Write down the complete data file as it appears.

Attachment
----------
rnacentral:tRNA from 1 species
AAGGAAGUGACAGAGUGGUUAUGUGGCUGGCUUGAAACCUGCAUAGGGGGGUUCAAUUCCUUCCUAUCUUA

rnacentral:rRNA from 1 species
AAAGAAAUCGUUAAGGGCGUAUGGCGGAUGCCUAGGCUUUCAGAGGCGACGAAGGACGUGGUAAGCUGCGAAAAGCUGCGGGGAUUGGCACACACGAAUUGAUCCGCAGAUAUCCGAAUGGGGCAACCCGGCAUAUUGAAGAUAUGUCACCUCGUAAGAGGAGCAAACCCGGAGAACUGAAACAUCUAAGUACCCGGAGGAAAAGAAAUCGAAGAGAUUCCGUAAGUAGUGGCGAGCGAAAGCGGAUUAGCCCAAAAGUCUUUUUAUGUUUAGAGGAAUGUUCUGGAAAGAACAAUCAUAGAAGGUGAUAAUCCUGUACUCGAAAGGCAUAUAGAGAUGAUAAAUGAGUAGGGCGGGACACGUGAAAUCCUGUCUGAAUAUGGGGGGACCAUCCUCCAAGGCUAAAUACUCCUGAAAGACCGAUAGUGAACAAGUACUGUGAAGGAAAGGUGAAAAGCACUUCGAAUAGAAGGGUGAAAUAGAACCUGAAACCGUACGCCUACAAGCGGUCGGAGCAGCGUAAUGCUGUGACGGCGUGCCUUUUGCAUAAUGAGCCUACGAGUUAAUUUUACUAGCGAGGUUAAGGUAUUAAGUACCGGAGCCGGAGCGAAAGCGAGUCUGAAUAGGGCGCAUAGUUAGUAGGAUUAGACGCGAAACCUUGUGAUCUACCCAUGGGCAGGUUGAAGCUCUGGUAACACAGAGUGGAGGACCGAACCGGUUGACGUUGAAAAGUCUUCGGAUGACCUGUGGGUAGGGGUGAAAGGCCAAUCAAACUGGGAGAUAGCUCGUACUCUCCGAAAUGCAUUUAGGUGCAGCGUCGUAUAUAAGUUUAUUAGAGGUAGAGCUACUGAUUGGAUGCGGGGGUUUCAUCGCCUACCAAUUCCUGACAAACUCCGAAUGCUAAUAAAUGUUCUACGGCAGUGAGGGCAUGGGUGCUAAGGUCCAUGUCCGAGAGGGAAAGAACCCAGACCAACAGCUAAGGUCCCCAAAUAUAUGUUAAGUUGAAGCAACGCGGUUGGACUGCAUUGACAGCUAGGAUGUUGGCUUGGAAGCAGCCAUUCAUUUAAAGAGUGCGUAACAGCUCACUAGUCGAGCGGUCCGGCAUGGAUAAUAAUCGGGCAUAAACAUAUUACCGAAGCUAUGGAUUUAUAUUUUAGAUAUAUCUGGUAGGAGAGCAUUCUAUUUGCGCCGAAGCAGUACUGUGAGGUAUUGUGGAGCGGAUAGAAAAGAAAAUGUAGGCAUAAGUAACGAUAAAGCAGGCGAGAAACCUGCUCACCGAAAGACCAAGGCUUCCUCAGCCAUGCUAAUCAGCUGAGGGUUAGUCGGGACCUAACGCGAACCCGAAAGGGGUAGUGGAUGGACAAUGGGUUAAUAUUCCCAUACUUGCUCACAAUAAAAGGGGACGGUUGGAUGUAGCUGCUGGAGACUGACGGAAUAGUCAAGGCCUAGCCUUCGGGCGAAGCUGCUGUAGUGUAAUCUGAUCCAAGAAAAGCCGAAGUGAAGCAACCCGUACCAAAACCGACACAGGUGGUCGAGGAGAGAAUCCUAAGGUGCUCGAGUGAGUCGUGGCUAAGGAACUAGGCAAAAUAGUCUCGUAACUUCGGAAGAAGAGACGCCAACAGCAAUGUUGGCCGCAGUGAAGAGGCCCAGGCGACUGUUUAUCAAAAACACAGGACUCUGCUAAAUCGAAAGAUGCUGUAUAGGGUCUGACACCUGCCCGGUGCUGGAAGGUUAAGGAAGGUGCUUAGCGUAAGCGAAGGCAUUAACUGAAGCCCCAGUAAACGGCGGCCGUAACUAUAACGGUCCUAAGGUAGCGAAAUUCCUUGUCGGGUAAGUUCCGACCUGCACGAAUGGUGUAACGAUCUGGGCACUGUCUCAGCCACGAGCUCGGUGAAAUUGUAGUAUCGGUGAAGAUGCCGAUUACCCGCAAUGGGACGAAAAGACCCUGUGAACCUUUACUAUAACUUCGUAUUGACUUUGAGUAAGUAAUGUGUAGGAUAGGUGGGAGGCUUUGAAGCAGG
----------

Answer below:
rnacentral:tRNA from 1 species
AAGGAAGUGACAGAGUGGUUAUGUGGCUGGCUUGAAACCUGCAUAGGGGGGUUCAAUUCCUUCCUAUCUUA

rnacentral:rRNA from 1 species
AAAGAAAUCGUUAAGGGCGUAUGGCGGAUGCCUAGGCUUUCAGAGGCGACGAAGGACGUGGUAAGCUGCGAAAAGCUGCGGGGAUUGGCACACACGAAUUGAUCCGCAGAUAUCCGAAUGGGGCAACCCGGCAUAUUGAAGAUAUGUCACCUCGUAAGAGGAGCAAACCCGGAGAACUGAAACAUCUAAGUACCCGGAGGAAAAGAAAUCGAAGAGAUUCCGUAAGUAGUGGCGAGCGAAAGCGGAUUAGCCCAAAAGUCUUUUUAUGUUUAGAGGAAUGUUCUGGAAAGAACAAUCAUAGAAGGUGAUAAUCCUGUACUCGAAAGGCAUAUAGAGAUGAUAAAUGAGUAGGGCGGGACACGUGAAAUCCUGUCUGAAUAUGGGGGGACCAUCCUCCAAGGCUAAAUACUCCUGAAAGACCGAUAGUGAACAAGUACUGUGAAGGAAAGGUGAAAAGCACUUCGAAUAGAAGGGUGAAAUAGAACCUGAAACCGUACGCCUACAAGCGGUCGGAGCAGCGUAAUGCUGUGACGGCGUGCCUUUUGCAUAAUGAGCCUACGAGUUAAUUUUACUAGCGAGGUUAAGGUAUUAAGUACCGGAGCCGGAGCGAAAGCGAGUCUGAAUAGGGCGCAUAGUUAGUAGGAUUAGACGCGAAACCUUGUGAUCUACCCAUGGGCAGGUUGAAGCUCUGGUAACACAGAGUGGAGGACCGAACCGGUUGACGUUGAAAAGUCUUCGGAUGACCUGUGGGUAGGGGUGAAAGGCCAAUCAAACUGGGAGAUAGCUCGUACUCUCCGAAAUGCAUUUAGGUGCAGCGUCGUAUAUAAGUUUAUUAGAGGUAGAGCUACUGAUUGGAUGCGGGGGUUUCAUCGCCUACCAAUUCCUGACAAACUCCGAAUGCUAAUAAAUGUUCUACGGCAGUGAGGGCAUGGGUGCUAAGGUCCAUGUCCGAGAGGGAAAGAACCCAGACCAACAGCUAAGGUCCCCAAAUAUAUGUUAAGUUGAAGCAACGCGGUUGGACUGCAUUGACAGCUAGGAUGUUGGCUUGGAAGCAGCCAUUCAUUUAAAGAGUGCGUAACAGCUCACUAGUCGAGCGGUCCGGCAUGGAUAAUAAUCGGGCAUAAACAUAUUACCGAAGCUAUGGAUUUAUAUUUUAGAUAUAUCUGGUAGGAGAGCAUUCUAUUUGCGCCGAAGCAGUACUGUGAGGUAUUGUGGAGCGGAUAGAAAAGAAAAUGUAGGCAUAAGUAACGAUAAAGCAGGCGAGAAACCUGCUCACCGAAAGACCAAGGCUUCCUCAGCCAUGCUAAUCAGCUGAGGGUUAGUCGGGACCUAACGCGAACCCGAAAGGGGUAGUGGAUGGACAAUGGGUUAAUAUUCCCAUACUUGCUCACAAUAAAAGGGGACGGUUGGAUGUAGCUGCUGGAGACUGACGGAAUAGUCAAGGCCUAGCCUUCGGGCGAAGCUGCUGUAGUGUAAUCUGAUCCAAGAAAAGCCGAAGUGAAGCAACCCGUACCAAAACCGACACAGGUGGUCGAGGAGAGAAUCCUAAGGUGCUCGAGUGAGUCGUGGCUAAGGAACUAGGCAAAAUAGUCUCGUAACUUCGGAAGAAGAGACGCCAACAGCAAUGUUGGCCGCAGUGAAGAGGCCCAGGCGACUGUUUAUCAAAAACACAGGACUCUGCUAAAUCGAAAGAUGCUGUAUAGGGUCUGACACCUGCCCGGUGCUGGAAGGUUAAGGAAGGUGCUUAGCGUAAGCGAAGGCAUUAACUGAAGCCCCAGUAAACGGCGGCCGUAACUAUAACGGUCCUAAGGUAGCGAAAUUCCUUGUCGGGUAAGUUCCGACCUGCACGAAUGGUGUAACGAUCUGGGCACUGUCUCAGCCACGAGCUCGGUGAAAUUGUAGUAUCGGUGAAGAUGCCGAUUACCCGCAAUGGGACGAAAAGACCCUGUGAACCUUUACUAUAACUUCGUAUUGACUUUGAGUAAGUAAUGUGUAGGAUAGGUGGGAGGCUUUGAAGCAGG